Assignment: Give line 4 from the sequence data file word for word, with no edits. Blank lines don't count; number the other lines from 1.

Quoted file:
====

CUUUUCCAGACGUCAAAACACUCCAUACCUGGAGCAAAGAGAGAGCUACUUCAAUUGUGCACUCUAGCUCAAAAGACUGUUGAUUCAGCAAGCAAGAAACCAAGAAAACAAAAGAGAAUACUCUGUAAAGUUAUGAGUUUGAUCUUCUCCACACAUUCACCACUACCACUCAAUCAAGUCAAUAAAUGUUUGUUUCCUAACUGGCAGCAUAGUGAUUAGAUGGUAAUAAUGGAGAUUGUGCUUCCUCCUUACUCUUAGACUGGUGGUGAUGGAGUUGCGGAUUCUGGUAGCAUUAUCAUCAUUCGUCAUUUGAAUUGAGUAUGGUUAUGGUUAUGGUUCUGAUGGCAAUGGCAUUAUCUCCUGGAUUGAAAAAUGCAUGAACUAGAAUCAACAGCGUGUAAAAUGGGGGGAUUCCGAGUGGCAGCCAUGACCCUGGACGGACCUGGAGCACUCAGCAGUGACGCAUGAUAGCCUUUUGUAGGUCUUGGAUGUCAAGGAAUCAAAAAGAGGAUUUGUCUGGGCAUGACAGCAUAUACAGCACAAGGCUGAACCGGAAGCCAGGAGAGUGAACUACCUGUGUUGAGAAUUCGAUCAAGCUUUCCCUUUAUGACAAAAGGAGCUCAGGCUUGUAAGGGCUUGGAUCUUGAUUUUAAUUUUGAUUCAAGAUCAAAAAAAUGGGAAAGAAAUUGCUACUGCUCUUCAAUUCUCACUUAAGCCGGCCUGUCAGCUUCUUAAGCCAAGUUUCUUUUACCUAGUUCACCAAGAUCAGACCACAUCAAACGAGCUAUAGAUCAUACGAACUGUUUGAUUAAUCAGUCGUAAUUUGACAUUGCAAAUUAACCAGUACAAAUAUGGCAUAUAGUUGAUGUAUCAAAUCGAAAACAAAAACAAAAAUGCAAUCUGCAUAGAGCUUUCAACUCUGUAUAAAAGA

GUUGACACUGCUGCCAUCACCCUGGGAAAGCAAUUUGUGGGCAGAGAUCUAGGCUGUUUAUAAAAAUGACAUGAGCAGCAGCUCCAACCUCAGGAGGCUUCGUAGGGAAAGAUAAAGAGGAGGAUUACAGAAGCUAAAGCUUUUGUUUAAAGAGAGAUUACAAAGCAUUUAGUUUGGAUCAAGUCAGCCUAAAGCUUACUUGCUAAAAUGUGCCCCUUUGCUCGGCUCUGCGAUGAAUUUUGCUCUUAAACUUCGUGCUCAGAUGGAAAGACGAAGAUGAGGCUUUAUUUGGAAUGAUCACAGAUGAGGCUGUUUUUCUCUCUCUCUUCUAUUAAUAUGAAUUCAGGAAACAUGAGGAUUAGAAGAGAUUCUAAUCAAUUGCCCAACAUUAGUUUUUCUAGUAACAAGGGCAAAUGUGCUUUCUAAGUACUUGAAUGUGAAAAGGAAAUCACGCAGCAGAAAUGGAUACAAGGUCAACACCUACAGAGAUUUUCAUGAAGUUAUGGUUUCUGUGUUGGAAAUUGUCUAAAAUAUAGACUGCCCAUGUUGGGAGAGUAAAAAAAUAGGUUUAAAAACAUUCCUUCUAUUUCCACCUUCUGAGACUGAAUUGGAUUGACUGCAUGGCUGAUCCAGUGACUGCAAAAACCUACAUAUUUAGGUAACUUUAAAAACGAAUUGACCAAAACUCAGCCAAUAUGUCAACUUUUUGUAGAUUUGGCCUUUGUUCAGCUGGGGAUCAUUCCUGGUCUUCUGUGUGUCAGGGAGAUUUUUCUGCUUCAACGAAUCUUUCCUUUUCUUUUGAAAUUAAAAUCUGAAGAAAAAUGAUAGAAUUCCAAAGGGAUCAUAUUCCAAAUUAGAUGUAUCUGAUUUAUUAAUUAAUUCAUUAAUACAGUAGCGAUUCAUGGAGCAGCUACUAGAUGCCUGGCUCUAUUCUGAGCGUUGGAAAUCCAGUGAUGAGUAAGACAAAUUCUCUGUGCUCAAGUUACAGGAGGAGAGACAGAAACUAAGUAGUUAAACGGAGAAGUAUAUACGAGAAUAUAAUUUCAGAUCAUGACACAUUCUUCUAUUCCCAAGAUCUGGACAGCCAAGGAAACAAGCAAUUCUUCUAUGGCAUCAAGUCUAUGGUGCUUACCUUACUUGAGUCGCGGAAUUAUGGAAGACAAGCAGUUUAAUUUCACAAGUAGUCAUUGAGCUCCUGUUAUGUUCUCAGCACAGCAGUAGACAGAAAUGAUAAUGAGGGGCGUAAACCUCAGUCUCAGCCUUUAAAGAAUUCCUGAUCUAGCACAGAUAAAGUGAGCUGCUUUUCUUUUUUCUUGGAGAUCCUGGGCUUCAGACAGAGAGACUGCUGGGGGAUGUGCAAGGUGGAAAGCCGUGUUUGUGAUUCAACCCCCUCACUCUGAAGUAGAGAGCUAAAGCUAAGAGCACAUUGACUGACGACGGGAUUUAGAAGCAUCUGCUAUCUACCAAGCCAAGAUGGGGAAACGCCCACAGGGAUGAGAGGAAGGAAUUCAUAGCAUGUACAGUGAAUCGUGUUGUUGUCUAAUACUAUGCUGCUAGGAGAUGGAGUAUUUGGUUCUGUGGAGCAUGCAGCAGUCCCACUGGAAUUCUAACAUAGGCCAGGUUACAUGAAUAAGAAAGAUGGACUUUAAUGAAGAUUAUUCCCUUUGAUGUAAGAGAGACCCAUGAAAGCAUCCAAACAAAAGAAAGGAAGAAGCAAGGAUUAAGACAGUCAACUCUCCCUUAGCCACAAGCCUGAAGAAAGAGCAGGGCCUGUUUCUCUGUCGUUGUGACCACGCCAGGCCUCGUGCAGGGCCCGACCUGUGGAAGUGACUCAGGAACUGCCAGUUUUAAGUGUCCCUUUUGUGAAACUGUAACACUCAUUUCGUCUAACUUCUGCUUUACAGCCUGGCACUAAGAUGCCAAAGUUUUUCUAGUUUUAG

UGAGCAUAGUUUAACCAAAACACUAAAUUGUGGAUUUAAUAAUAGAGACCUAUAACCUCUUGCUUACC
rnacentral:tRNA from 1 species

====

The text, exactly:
rnacentral:tRNA from 1 species